Premium Sound by Bowers & Wilkins (Volvo S90) review

The standard audio system for the S90 is a 10 speaker, 330W set-up, which Volvo calls its "high-performance" offering. In contrast, Premium Sound by Bowers & Wilkins is a £3000 option using 19 speakers, a 12-channel amp and 1400W of power. On paper, it seems pricey for a boost in power and a sprinkling of extra speakers, but this is only half the story.

VIDEO: B&W Premium Sound system (Volvo XC90) hands-on review


The drive units in the S90's standard system are limited to the front and rear doors, plus the rear parcel shelf. The rear doors only have one driver in them, whereas the B&W system (pictured above) covers all bases, with an aluminium tweeter, Kevlar midrange driver and bass unit in all doors, (and a separate, carbon-fibre subwoofer in the rear).

There's also B&W's party piece, the tweeter-on-top, which protrudes proudly from the middle of the dashboard.

The aluminium dome fires high frequencies out towards the listener: it's positioned this way to reduce reflections from the windscreen and, together with the other tweeters in the system, it uses a special arrangement of diffusers behind to soak up reflected sounds and reduce vibrations.

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System set-up

But it's not just an improved calibre of speaker you get with the B&W system. The level of audio processing wizardry at your disposal is much more advanced.

You've the usual tone and balance settings to play with, but the Bowers set-up adds three custom-designed processing modes into the equation, accessed via the Sound Experience icon on the Volvo's touchscreen. Each mode claims to offer a different style of presentation for the listener.

Studio mode alters the sound so it can be focused on either the driver, everyone in the car, or just those in the rear. Volvo claims it produces a drier, more precise listening experience. We find the soundstage sounds a little purer and more regimented - it's much more apparent sound is coming from the speakers housed in the doors.

Individual Stage allows you to manipulate two elements of the system's acoustics: Intensity and Envelopment. The former relates to the perceived closeness and depth of the sound field. It's a case of do you want the sound coming at you from the leading edge of the dashboard, or from the rear?

The latter alters width, so you can encourage the system to produce a simpler or more immersive soundstage. Like adding seasoning to your favourite steak (or salad), simply use the sliders on the touch-screen to fine-tune each setting to taste.

The final mode doubles as a nod to Gothenburg, the home of Volvo. Named Concert Hall, the setting is supposed to recreate the acoustics from the famous Gothenburg Concert Hall. In reality, it's a nice touch and a neat piece of marketing, but it doesn't produce the most convincing audio. Genres such as rock, pop, hip-hop or R&B don't really suit it, and even classical tracks struggle to sound natural.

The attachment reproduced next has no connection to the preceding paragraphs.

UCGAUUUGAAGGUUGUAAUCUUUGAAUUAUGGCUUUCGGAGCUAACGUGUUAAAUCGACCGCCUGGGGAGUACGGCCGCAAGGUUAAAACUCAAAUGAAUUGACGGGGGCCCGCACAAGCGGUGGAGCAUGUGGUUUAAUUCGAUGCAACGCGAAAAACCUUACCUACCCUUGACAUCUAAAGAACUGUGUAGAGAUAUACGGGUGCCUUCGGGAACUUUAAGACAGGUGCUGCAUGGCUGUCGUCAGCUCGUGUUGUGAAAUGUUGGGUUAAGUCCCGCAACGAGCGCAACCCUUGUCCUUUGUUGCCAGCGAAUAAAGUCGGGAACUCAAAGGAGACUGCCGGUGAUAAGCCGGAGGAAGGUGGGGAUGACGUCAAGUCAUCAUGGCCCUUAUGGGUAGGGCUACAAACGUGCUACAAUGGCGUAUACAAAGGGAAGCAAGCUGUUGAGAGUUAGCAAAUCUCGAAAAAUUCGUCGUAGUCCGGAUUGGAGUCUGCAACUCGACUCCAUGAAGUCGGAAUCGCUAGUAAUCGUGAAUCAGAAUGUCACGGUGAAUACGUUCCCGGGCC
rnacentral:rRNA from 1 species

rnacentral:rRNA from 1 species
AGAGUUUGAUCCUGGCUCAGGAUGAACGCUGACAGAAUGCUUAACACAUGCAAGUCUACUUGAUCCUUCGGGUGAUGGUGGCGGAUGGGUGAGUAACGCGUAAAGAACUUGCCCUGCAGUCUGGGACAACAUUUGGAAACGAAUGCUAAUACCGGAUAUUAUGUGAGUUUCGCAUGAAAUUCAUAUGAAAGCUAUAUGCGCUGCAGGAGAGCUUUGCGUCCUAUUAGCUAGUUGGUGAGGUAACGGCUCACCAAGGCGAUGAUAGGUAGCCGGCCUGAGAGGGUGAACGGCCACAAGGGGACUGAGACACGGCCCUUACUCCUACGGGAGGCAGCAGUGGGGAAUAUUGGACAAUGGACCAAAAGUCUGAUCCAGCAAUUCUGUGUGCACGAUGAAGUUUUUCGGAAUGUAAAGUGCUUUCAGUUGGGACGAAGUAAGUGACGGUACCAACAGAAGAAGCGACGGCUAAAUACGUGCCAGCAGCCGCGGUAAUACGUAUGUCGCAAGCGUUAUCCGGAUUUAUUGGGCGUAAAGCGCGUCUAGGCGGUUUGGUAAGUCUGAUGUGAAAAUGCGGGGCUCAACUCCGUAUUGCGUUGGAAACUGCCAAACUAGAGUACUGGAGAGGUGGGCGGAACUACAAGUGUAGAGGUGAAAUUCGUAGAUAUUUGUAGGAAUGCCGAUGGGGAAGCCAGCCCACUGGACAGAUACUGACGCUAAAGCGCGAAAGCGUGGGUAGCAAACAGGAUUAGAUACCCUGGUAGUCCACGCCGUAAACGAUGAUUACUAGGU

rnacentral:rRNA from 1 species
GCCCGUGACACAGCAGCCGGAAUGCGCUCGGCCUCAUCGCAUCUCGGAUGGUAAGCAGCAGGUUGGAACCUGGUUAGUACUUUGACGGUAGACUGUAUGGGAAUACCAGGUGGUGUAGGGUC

During our time with the car, we gravitate towards the Individual Stage setting, which we feel gives the best balance of precision and immersion.

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Sound quality

We were fortunate enough to be able to listen to the Volvo's standard system before swapping over to a B&W-equipped car. The difference is night and day.

Immediately you're aware there's more detail making it through, and greater care and precision with the way audio is served into the cabin. You hear a fuller, more truthful account of the information on a track whether you're using the built-in CD player or a Spotify account.

Integration between all the speakers is excellent - even the subwoofer in the back of the car doesn't feel too distant. Lows are weighty and full-bodied, but don't sacrifice much in terms of tautness or punch. The tribal drum beat that pounds along to the Foo Fighters Run sounds solid and resolute.

Certain details in the standard system fight hard to be heard, but here they come through loud and clear. The soundstage sounds fuller and more refined, and the presentation is all the more interesting for it.

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Where high frequencies are concerned, the tweeter on top makes a big difference. It not only make treble sounds clearer but it also adds to the quality of those notes, bringing greater texture and realism. Another positive is there's no sign of any harshness or brightness.

The whole tone is geared towards an easy listen which makes the system a breeze to live with to during long motorway slogs. The only downside is that dynamically, the B&W system doesn't quite have the impact and drive we'd like.

Drum thwacks feel a tiny bit hesitant, and highs could do with more of a cutting edge.

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The Bowers & Wilkins system for the Volvo S90 isn't the strongest system we've heard inside four doors - we'd like it to sound a bit more outgoing in absolute terms. But in a shootout between this and the standard S90 set-up, there's only one winner.

The jump in quality is obvious, even if yours is an untrained ear. It sounds superior, and the level of processing on offer, on the whole, really comes in handy for fine-tuning.

If you're thinking of skipping or ignoring the B&W audio option we'd suggest reconsidering, or at least listening to it for yourself.

See all our Bowers & Wilkins reviews

Simon Lucas is a freelance technology journalist and consultant, with particular emphasis on the audio/video aspects of home entertainment. Before embracing the carefree life of the freelancer, he was editor of What Hi-Fi? – since then, he's written for titles such as GQ, Metro, The Guardian and Stuff, among many others.